"She Forgot": Obscuring White Privilege and Colorblindness in Harper Lee's Novels

Citation metadata

Author: Dwight Tanner
Date: Spring 2019
From: South Atlantic Review(Vol. 84, Issue 1)
Publisher: South Atlantic Modern Language Association
Document Type: Article
Length: 8,115 words

Document controls

Main content

Article Preview :

In the opening pages of Go Set a Watchman (2015), Harper Lee evokes the transitory and self-engendered nature of memory as she describes the now grown-up Jean Louise's train ride from New York City to her childhood home in Maycomb, Alabama, where she is going to visit her father, Atticus Finch. In many ways, these vivid opening passages reveal one of the fascinating, and unintended, consequences of the book's complicated release history--Go Set a Watchman was written years before Lee's wildly popular To Kill a Mockingbird (1960), is set almost twenty years after the events depicted in Mockingbird, but was not published until 2015. Thus Go Set a Watchman's description of Jean Louise's train ride home effectively mirrors a more figurative journey for readers, who are similarly journeying back "home" to visit a familiar town and benevolent father figure who has been almost universally beloved and revered by generations of readers.

During the train ride, Jean Louise (the grown-up Scout from Mockingbird) recalls other train rides to and from Maycomb. As the train pulls out of the Mobile station for the final leg of her journey, Jean Louise remembers an old fear: "When she was a child and went to the capital with Atticus, she was terrified lest the swaying train plunge down the riverbank and drown them all. But when she boarded again for home, she forgot" (6-7). While the passage clearly intends to communicate the unique comfort of returning home, it nevertheless also invokes powerful notions that link home and forgetting. Jean Louise's fear of derailment, and subsequent forgetting of this fear, highlights the power of context and the contextualization of meaning--the ways that events and experiences are often read and felt differently depending on the specific situation or locale, sometimes even to the point of being ignored or completely erased. Indeed, an underlying desire for oblivion through a rewriting of the past, especially as it relates to certain aspects of Jean Louise's home and hometown, pervades the text. This desire for erasure becomes particularly evident whenever the novel engages with issues of race and racism, two things that dominant U.S. culture has continually struggled to confront and reconcile.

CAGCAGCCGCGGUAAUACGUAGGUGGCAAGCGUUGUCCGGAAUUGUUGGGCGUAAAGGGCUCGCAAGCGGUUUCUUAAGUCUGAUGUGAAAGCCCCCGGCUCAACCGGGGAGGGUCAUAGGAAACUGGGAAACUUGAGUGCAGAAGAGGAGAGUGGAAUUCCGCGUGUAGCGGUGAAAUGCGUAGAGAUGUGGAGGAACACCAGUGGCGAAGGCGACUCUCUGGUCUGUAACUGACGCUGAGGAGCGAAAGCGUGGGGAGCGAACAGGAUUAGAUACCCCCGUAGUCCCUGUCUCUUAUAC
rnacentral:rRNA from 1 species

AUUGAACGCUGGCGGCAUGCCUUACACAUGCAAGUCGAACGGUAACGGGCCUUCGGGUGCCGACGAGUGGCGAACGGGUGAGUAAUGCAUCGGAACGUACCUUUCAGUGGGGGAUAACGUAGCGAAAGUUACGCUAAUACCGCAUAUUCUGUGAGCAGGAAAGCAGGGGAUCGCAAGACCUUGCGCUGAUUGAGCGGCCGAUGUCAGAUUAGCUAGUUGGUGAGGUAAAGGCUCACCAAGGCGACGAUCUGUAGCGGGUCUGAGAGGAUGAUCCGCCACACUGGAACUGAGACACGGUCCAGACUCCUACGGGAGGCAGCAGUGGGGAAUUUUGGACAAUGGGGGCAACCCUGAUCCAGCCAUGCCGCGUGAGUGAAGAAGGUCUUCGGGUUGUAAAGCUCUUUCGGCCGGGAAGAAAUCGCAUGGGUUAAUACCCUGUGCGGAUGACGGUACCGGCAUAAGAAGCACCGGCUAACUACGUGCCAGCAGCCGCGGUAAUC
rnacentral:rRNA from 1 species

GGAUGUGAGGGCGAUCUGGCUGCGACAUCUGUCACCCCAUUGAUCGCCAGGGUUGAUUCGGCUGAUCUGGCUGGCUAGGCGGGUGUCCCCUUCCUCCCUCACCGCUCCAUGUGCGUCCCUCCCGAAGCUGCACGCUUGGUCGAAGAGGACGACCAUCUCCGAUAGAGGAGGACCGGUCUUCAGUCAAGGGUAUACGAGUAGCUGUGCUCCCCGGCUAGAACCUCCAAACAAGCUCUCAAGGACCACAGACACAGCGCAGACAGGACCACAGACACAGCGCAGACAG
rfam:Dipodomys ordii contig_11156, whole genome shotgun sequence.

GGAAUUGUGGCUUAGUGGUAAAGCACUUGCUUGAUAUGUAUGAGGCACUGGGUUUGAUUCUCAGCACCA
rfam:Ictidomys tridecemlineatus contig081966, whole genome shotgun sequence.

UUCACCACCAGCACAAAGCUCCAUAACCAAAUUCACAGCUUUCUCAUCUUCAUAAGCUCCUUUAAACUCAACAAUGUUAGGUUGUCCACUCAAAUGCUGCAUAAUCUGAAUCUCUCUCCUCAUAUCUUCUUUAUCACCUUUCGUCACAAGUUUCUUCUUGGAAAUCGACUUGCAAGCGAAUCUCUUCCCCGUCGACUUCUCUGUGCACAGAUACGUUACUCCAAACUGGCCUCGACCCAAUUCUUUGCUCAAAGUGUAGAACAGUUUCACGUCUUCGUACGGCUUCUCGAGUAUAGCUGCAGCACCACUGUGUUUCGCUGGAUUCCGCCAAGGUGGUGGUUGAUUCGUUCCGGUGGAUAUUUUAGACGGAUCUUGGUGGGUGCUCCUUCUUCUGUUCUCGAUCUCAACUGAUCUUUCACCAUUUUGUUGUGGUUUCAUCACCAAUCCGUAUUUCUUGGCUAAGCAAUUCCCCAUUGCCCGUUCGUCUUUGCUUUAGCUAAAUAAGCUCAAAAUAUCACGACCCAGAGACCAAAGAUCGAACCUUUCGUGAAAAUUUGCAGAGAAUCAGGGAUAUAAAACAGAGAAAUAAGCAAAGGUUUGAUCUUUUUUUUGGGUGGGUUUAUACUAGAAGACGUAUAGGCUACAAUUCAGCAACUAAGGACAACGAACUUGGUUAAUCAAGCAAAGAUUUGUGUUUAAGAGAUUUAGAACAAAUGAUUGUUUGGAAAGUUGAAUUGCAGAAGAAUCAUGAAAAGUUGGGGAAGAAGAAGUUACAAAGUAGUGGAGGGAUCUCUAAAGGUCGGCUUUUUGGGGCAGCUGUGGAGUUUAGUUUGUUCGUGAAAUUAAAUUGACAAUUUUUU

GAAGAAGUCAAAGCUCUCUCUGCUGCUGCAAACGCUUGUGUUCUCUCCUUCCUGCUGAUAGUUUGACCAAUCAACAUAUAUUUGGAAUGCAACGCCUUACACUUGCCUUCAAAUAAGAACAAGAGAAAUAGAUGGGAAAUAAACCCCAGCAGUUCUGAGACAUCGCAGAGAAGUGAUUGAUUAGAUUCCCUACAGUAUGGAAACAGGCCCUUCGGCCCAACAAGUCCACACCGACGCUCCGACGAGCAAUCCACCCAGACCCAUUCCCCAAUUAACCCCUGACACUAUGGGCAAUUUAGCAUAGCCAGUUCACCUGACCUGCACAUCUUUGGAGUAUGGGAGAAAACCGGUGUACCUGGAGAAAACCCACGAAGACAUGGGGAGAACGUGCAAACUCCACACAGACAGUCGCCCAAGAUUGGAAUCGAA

The momentous 2015 release of Harper Lee's Go Set a Watchman was a unique and controversial literary event fraught with its own conflicts of remembering and forgetting. From the initial announcement that Harper Collins had secured the rights to the novel, a flurry of competing narratives and controversies flooded the mainstream press--ranging from questions about the book's authorship to the ethics of releasing the novel. There were even doubts regarding the professed story that the text of Watchman had been lost and then found by Lee's lawyer. (1) On the one hand, the onslaught of media coverage surrounding the book's release was not surprising given the nearly universally beloved status of Lee's only other novel, To Kill a Mockingbird, and the "Cult of Atticus" that has developed in the wake of the book's popularity. Indeed, the book and its...

Source Citation

Source Citation   

Gale Document Number: GALE|A579714485